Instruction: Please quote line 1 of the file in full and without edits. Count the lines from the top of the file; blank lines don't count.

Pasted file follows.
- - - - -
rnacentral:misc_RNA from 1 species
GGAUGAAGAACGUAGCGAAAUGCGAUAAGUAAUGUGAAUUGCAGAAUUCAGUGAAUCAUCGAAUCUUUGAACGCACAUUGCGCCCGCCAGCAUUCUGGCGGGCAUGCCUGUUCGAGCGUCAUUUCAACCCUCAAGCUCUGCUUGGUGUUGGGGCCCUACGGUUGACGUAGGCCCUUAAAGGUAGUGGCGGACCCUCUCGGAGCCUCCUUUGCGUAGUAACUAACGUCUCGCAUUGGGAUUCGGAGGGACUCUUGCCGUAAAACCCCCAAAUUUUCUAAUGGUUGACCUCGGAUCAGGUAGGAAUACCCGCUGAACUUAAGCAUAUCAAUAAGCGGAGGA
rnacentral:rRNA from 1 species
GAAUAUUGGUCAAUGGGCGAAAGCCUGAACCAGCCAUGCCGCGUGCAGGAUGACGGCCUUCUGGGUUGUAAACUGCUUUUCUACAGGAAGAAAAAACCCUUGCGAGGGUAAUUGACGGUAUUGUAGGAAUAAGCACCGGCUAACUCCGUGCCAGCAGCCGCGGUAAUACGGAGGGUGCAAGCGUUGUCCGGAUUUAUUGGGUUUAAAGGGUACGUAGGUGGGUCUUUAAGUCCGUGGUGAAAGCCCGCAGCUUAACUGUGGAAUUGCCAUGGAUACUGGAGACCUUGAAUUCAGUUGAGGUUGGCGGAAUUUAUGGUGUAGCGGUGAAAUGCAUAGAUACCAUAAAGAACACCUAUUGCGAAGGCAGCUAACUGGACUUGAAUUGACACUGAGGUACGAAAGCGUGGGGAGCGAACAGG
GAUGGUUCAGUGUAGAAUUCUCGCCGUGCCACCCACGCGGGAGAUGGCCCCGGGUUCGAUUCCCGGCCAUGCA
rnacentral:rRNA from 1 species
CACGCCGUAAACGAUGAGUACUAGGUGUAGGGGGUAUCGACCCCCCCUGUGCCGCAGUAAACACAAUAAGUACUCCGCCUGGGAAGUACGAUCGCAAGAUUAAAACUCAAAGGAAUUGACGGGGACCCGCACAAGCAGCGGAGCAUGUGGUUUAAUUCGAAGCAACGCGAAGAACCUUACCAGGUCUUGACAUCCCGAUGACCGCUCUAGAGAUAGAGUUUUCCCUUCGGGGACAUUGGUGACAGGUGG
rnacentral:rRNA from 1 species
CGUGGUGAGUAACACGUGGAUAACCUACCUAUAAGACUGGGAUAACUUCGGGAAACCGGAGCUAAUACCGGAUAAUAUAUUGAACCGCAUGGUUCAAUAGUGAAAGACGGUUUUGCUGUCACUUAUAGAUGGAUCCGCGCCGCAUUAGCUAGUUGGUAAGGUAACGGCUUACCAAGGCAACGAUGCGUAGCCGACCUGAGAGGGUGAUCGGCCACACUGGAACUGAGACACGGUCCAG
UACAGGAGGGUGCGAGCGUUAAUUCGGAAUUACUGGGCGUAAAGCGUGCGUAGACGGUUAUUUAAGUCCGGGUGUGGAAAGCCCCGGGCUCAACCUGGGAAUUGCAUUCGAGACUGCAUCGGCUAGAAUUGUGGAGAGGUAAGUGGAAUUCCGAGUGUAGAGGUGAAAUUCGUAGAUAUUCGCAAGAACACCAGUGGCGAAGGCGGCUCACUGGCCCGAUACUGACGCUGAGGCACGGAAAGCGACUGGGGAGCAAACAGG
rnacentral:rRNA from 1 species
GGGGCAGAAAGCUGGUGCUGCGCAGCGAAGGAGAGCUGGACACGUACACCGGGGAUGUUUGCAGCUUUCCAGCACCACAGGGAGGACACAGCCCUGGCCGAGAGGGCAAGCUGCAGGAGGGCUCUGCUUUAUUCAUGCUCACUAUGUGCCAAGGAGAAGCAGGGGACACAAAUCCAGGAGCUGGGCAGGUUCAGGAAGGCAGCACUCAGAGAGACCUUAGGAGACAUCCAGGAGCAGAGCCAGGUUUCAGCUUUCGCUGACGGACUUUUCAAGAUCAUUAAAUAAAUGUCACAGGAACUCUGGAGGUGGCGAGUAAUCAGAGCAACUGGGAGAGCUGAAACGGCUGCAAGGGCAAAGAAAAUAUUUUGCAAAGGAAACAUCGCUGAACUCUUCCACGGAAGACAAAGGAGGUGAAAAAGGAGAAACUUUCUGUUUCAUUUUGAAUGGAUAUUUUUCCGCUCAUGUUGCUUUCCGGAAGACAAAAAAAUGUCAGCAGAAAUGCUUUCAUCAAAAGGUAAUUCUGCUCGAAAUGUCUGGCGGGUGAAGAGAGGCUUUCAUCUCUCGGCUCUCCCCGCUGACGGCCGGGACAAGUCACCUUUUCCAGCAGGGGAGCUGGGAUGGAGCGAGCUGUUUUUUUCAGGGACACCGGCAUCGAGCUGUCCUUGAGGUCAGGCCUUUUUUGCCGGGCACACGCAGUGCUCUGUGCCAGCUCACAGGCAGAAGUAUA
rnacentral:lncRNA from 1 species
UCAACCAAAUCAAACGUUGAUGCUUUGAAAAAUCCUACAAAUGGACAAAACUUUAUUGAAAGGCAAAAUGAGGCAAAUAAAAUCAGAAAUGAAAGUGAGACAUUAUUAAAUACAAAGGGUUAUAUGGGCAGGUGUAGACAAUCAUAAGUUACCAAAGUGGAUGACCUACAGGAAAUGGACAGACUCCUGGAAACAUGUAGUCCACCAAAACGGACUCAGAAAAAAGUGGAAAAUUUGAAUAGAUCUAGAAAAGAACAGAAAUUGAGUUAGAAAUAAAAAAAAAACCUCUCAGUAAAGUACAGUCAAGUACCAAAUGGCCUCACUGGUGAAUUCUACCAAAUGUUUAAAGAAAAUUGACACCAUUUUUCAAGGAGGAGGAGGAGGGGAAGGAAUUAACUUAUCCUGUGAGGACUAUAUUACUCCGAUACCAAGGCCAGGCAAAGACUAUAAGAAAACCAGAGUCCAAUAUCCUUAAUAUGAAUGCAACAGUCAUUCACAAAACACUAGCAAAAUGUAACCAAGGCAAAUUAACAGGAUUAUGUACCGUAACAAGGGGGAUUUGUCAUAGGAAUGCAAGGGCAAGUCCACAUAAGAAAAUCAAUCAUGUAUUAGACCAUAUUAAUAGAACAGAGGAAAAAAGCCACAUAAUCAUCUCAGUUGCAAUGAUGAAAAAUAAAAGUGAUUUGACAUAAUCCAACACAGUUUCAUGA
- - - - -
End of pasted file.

rnacentral:misc_RNA from 1 species